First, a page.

MLB: The Worst Retired Numbers in Baseball
Retiring numbers used to be a thing of honor, reserved for MLB Hall-of-Famers and players who stood out to fans and teams. But the Yankees, for example, have retired so many numbers that people joke they’ll have to start using triple digits on the backs of jerseys soon. For one reason or another, the following MLB players should be up for the un-retirement of their numbers.
Paul Konerko, Chicago White Sox
Paul Konerko is probably most famous for the big grand slam he hit in the 2005 World Series, which helped the White Sox win and put an end to their 88-year title drought. Konerko hit a lot of home runs while in Chicago — 432 in 16 seasons — but he was a horrible defender and tied for 590th all-time with his 27.6 career WAR.
It seems like the team retired his number as a way to celebrate the victory and the 2005 season. While he was a great offensive player, Konerko played during a time with a lot of other great offensive players. In fact, he went to the All-Star Game, but only as the backup.
Randy Jones, San Diego Padres
One of the best pitchers in the NL for two seasons (1975-76), Randy Jones won the ERA title with 2.24 in one of those seasons and led the league with 22 wins in the other. He also received the Cy Young award. But he never pitched in the postseason, and he actually had a losing record over his career at 100-123 overall.
Overall, Jones had a pretty unremarkable career with the Padres. It’s not known if the Padres just needed to retire a jersey to keep up, but they retired the number of the only player who had an overall losing record. It just doesn’t make sense.
Wade Boggs, Tampa Bay Rays
Many sports fans agree that Wade Boggs was a great player, but for the Tampa Bay Rays to retire his number when he only played two seasons there was unwarranted. Having his number — a different one — retired in Boston makes sense. Boggs played there longer (and better) than he did in Tampa.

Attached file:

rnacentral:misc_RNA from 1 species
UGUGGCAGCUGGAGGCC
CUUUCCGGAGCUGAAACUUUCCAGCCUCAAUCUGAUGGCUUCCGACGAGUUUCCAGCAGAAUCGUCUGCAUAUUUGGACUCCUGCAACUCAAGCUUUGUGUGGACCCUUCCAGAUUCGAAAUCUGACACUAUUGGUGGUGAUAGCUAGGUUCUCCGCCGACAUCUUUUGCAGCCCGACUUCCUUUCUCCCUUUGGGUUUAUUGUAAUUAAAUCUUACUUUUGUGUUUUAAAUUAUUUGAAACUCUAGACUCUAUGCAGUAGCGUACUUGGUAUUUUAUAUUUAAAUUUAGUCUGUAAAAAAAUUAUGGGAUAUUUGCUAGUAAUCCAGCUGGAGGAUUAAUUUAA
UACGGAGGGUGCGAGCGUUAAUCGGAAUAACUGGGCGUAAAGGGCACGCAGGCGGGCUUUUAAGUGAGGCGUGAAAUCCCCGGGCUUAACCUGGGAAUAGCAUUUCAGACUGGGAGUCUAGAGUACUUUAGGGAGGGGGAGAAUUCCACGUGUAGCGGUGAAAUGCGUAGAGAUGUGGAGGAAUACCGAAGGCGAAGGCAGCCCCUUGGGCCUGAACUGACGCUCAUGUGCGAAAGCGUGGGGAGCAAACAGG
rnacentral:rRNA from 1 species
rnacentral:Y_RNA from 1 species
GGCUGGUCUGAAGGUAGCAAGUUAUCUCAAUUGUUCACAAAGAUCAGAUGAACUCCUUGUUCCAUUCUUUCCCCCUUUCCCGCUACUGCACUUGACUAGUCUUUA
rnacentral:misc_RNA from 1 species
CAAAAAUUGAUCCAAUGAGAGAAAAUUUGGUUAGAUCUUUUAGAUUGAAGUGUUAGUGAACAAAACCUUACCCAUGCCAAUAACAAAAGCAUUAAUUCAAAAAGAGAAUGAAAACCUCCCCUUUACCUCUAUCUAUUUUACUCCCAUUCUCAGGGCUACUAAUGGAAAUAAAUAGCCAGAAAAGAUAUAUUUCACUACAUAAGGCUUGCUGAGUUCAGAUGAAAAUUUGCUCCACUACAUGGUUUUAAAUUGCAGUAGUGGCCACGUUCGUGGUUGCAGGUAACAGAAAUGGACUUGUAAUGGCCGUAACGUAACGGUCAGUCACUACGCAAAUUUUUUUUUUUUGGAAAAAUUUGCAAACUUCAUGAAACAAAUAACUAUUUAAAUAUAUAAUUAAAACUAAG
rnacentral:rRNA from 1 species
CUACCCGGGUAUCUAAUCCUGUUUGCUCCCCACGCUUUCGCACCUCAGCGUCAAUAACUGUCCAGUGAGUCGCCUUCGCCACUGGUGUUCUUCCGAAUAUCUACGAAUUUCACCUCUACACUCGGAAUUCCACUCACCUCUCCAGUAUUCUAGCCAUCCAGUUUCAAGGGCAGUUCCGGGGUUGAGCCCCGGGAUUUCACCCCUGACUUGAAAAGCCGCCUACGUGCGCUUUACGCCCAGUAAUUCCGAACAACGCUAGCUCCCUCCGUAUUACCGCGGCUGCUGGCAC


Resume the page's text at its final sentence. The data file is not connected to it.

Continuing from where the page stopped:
He was in 12 All-Star games, garnered a Rookie of the Year award, and won a World Series title, but not in Tampa. He did get his 3,000th hit in Tampa, and it is his hometown, but he already has a seat of honor in the stadium. Plus, the Rays have only existed since 1998.
Don Mattingly, New York Yankees
Maybe the Yankees take pride in the fact that they have the most retired numbers in the league? But with all the greats that came, does he compare? Don Mattingly played his entire time for the Yankees during a mediocre stretch for the club.
Mattingly did win MVP one year, but it was for a team that saw zero World Series wins on his watch. It makes you wonder if anyone could get their number retired and just what the Yankees were thinking. It must have been a slow time in baseball.
August Busch, Jr., St. Louis Cardinals
Teams have retired many numbers that don’t even belong to actual players. This means they did nothing to earn it, aside from their status with the team and fans. But retiring numbers should be a privilege given to athletes, not just anyone. August Busch, Jr. was the owner of the team, does own the city’s prestigious beer company, and is the namesake of the stadium itself, but is that enough?